South African Breweries’ (SAB’s) dominant position in the South African beer market might, over time, give it an advantage if the government went ahead with a ban on alcohol advertising, but SABMiller chief executive Alan Clark said it was hard to predict exactly what would happen.
“If there’s an advertising ban, and the market goes dark, in theory the established players do better,” Clark told Business Report.
But he added that there was not sufficient experience of alcohol markets “going dark” to be confident of knowing what would happen. He said that it was difficult to draw any conclusions from what happened to cigarette sales after the ban on cigarette advertising because of the addictive nature of cigarettes.
Clark said he felt that the ANC’s attention had shifted to the upcoming elections and the advertising ban was not currently a priority for the ruling party. “It’s impossible to predict whether or not it [the interest in a ban] will revive.”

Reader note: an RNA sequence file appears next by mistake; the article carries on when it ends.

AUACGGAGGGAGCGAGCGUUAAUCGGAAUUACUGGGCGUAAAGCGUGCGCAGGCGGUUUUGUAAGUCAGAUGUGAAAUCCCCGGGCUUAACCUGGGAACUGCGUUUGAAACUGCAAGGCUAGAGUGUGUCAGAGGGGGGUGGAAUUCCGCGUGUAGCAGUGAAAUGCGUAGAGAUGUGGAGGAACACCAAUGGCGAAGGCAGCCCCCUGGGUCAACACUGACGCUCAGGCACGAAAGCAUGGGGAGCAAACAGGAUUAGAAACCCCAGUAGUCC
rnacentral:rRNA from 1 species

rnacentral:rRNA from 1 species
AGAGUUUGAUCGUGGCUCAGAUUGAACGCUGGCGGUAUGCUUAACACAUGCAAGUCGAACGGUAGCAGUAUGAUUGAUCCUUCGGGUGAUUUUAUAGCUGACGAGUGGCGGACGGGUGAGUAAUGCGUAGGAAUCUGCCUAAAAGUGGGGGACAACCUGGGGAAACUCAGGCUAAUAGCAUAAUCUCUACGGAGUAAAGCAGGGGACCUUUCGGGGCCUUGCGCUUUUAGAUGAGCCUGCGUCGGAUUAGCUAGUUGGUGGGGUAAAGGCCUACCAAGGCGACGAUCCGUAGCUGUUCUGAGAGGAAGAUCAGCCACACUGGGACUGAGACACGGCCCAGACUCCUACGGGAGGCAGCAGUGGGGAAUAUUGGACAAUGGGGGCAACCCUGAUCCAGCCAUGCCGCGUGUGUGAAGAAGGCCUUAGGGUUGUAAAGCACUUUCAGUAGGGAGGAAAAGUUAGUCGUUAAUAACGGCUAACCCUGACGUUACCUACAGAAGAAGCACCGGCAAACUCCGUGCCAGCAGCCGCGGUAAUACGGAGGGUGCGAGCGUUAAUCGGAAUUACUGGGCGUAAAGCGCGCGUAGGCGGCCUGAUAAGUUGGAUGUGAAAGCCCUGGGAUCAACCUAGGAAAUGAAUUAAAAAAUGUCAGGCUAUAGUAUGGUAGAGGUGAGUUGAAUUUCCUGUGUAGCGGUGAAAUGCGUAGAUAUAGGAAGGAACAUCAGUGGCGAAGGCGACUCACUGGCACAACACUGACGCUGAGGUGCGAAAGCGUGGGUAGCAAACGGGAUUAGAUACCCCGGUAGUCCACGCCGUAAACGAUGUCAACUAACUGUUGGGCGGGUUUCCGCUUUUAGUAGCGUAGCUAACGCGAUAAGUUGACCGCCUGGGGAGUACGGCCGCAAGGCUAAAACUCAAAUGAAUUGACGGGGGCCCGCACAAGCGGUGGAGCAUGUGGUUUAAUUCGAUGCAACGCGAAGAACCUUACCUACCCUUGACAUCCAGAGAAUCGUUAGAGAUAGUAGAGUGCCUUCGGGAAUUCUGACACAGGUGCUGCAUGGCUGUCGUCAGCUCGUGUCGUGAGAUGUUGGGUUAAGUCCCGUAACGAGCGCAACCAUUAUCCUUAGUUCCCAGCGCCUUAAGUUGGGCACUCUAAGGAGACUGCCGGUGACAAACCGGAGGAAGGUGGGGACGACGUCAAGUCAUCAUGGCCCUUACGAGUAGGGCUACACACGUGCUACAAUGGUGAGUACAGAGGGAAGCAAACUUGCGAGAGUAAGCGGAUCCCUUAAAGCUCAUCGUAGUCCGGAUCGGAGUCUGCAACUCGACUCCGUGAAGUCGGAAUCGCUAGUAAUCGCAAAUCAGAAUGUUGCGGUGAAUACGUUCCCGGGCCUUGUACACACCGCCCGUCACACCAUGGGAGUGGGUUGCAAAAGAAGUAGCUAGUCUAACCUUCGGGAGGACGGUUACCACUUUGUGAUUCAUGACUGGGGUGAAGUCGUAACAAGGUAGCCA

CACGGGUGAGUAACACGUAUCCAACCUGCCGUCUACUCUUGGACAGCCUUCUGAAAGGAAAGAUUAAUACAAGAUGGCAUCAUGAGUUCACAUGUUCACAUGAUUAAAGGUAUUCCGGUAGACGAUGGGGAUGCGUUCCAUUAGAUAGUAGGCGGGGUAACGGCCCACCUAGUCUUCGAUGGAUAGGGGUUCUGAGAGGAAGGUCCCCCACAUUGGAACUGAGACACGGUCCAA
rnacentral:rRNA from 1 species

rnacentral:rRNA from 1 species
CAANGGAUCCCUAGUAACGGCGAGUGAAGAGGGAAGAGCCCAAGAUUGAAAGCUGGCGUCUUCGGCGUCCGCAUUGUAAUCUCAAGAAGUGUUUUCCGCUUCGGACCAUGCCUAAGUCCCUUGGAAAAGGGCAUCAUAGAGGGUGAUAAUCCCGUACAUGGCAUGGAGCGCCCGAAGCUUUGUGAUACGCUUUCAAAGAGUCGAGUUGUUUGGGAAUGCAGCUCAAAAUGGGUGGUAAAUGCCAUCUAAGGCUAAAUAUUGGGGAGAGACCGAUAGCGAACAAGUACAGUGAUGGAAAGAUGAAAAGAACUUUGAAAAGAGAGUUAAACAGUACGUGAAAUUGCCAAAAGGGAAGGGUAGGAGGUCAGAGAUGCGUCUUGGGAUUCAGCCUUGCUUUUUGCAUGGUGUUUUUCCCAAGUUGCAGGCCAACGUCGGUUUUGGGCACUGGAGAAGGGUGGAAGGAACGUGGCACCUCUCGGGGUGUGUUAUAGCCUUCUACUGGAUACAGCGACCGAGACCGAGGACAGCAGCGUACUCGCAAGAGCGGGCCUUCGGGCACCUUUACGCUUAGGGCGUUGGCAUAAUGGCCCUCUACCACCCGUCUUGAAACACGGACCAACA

The only countries where there is a ban on alcohol advertising are India, Russia and Turkey.
In Russia and Turkey alcohol consumption has dropped, but it is unclear whether this is attributable to the advertising ban or to other adverse developments in those markets.
SABMiller’s exposure to beer consumption in Russia was significantly reduced after its 2011 deal with Turkey’s Anadolu Efes, which saw it exchange its Russian and Ukrainian beer interests for a 24 percent stake in Anadolu Efes, which has beer and soft drink operations.
France also has tight restrictions on alcohol advertising.
There would still be opportunities for companies to undertake point-of-sale advertising and merchandising. “I know of no country where that is banned,” Clark said.
Retail analysts also point out that if there is a ban, alcohol producers could use the internet to get access to consumers or use surrogate products as they do in India to get exposure to a brand name. – Ann Crotty